Obama and the Revival of Flawed Military Commissions

The ACLU tells President Obama that reviving the military commissions is like putting lipstick on a pig:

"These military commissions are inherently illegitimate, unconstitutional and incapable of delivering outcomes we can trust. Tweaking the rules of these failed tribunals so that they provide ‘more due process' is absurd; there is no such thing as ‘due process light.' If the administration's proposed rules really bring these proceedings in line with constitutional requirements, there is no reason not to use our tried and true justice system. If they don't, these tribunals have no place in our democracy.


"Despite the administration's efforts to improve the system, the only explanation for reviving it would be to accommodate the damage that has already been done by the Bush administration's policies of torture, illegal detention and denial of fair trials. As unfortunate as it is to inherit that legacy, to accommodate those policies is essentially to ratify them.

"In this case, President Obama would do well to remember his own infamous words during his presidential campaign: you can't put lipstick on a pig."

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    Oh no! (5.00 / 1) (#1)
    by jbindc on Fri May 15, 2009 at 03:02:34 PM EST
    Not the pig again! (Even though she looks fabulous!)

    Glenn Greenwald has an excellent (5.00 / 3) (#3)
    by Anne on Fri May 15, 2009 at 03:35:11 PM EST
    and long post today on this issue, which makes me wonder who, exactly, Obama is listening to, as more than a few of the people quoted on the subject of why military commissions are the wrong way to go are now members of his administration.

    In his most recent update to the post, he says/asks the following:

    UPDATE III: Obama's just-issued statement announcing his support for military commissions is here.  I said most of what I think is worth saying about this, but I'll just add the following:

    (1) Can anyone reconcile Obama's statement today with his August, 2008 statement that we should prosecute accused terrorists "through our courts and our Uniform Code of Military Justice," or with the above-excerpted criticisms of Bush's military commissions?; (2) Obama doesn't even bother to argue any reasons why we cannot try accused terrorists in our already-extant court system; (3) for those who want to claim that Bush's torture prevents obtaining convictions in a real court, Obama is purporting to bar the use of evidence obtained via torture, so how would his military commissions address that problem any better than real courts would?; (4) during the Bush era, civilian courts had a far better record of convicting accused terrorists than military commissions did, including convictions of Jose Padilla, Ali al-Marri, Richard Reid, John Walker Lindh, and Zacharais Moussoui, at least three of whom (Padilla, al-Marri and Lindh) were severely mistreated; if we could convict them in real courts, why can't we convict the other accused terrorists who are actually guilty? (5) if the state is willing to accord due process only when it is guaranteed that it can win, but then creates a new system of diminished due process whenever it believes it cannot win, the guarantee of due process, for rather obvious reasons, becomes completely illusory ("we'll give due process as long as we're sure we can win, and if we can't, we'll give you something less").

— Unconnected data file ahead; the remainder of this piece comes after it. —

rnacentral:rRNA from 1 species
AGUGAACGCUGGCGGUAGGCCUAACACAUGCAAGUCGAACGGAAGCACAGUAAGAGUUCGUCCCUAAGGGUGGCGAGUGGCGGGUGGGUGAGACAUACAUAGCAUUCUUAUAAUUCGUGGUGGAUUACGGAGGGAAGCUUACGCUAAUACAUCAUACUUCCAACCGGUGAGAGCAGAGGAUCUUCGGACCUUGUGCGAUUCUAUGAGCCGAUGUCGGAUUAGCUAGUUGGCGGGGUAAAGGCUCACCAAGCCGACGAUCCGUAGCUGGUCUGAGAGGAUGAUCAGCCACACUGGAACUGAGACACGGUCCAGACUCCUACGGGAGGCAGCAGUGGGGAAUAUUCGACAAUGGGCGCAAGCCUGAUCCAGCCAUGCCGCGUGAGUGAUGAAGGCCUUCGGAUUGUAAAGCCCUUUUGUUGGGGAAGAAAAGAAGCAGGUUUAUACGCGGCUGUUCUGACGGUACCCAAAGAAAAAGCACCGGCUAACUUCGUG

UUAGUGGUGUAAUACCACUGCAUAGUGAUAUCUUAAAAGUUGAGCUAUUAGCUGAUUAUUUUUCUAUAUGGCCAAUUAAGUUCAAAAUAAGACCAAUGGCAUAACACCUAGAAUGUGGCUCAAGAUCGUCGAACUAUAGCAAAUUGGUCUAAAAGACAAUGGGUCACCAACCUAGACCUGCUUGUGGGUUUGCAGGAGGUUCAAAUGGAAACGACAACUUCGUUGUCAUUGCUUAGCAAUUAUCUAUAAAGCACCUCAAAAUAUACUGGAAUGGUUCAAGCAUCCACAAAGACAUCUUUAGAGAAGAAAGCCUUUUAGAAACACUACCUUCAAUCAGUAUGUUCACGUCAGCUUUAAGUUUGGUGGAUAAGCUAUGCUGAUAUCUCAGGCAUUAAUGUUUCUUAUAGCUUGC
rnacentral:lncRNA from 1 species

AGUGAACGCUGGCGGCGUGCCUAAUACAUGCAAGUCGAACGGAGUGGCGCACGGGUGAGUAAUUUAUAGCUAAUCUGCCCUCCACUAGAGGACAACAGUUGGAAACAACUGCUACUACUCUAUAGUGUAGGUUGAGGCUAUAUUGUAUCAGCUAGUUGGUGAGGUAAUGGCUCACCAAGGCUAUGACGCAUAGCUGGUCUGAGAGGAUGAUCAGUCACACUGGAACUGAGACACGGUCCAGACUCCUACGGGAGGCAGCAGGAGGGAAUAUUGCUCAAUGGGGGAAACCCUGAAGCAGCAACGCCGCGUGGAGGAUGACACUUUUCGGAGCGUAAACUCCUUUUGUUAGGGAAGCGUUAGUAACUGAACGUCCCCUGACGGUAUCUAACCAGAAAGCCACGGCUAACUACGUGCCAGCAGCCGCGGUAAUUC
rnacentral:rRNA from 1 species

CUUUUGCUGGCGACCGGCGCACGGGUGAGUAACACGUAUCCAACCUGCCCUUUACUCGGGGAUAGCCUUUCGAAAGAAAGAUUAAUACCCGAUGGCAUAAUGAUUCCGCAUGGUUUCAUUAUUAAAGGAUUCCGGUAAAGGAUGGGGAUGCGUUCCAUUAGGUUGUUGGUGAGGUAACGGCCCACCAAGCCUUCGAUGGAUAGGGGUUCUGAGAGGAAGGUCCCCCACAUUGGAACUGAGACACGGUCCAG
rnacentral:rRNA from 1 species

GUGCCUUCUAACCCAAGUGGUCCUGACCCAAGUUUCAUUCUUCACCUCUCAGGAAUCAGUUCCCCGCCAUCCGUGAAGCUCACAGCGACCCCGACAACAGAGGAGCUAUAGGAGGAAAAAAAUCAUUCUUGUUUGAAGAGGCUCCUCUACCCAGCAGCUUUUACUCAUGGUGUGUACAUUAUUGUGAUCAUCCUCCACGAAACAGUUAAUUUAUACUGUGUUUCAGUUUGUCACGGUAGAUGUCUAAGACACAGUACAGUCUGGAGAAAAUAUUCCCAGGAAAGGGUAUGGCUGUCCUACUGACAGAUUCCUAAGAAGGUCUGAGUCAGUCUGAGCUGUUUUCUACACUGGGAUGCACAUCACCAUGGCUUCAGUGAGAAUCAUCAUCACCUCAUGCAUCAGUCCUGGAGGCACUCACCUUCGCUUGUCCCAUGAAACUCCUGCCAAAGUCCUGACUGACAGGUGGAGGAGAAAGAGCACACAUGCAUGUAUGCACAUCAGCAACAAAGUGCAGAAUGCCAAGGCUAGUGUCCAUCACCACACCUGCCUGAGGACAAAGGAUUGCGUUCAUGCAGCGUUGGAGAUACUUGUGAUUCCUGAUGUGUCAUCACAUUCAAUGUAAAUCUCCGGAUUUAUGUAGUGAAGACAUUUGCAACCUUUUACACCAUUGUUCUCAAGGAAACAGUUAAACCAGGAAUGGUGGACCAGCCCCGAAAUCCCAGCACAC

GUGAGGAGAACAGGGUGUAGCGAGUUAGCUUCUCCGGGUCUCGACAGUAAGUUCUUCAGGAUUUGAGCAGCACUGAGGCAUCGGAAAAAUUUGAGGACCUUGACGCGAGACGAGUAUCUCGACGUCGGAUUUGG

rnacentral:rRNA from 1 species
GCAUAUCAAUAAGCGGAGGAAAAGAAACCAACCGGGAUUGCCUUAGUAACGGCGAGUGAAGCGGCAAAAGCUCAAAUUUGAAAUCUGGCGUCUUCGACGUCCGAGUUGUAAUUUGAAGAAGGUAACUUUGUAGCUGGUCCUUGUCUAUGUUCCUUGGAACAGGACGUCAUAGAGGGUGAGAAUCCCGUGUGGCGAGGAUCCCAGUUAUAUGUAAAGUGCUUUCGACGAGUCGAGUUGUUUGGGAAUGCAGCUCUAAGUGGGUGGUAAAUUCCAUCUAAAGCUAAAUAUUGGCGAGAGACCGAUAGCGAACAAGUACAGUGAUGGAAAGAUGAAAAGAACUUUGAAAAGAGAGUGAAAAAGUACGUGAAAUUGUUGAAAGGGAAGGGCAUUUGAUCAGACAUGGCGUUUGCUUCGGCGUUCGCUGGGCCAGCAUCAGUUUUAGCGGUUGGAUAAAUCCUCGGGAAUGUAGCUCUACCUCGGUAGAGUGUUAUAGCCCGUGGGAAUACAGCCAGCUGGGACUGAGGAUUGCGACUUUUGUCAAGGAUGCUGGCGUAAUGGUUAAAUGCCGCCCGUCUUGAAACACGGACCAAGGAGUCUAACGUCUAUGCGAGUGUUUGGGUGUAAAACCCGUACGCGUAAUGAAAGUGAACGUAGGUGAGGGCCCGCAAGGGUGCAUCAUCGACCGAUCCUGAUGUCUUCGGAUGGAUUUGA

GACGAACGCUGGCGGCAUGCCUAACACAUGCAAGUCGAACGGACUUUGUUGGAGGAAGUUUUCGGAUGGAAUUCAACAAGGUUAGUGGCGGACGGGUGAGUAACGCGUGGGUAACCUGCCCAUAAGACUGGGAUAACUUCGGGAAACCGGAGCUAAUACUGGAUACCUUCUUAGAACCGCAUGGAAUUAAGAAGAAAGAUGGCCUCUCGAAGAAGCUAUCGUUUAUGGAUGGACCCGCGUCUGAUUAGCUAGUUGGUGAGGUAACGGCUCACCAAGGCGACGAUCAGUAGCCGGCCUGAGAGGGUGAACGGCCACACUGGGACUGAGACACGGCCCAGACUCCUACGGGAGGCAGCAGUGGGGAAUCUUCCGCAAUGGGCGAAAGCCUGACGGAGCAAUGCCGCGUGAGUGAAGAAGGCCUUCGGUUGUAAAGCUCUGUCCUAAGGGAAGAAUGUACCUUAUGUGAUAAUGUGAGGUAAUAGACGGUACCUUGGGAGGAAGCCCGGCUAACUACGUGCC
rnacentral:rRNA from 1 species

It's hard to reconcile Obama's latest policy with what he has said in the recent past - it might even be impossible.

    One thing I'm pretty definite about: no one ought to ever refer to him again as a constitutional lawyer, or perhaps if they do, it should be put in quotation marks.

    Obama is acting like Bush (5.00 / 0) (#4)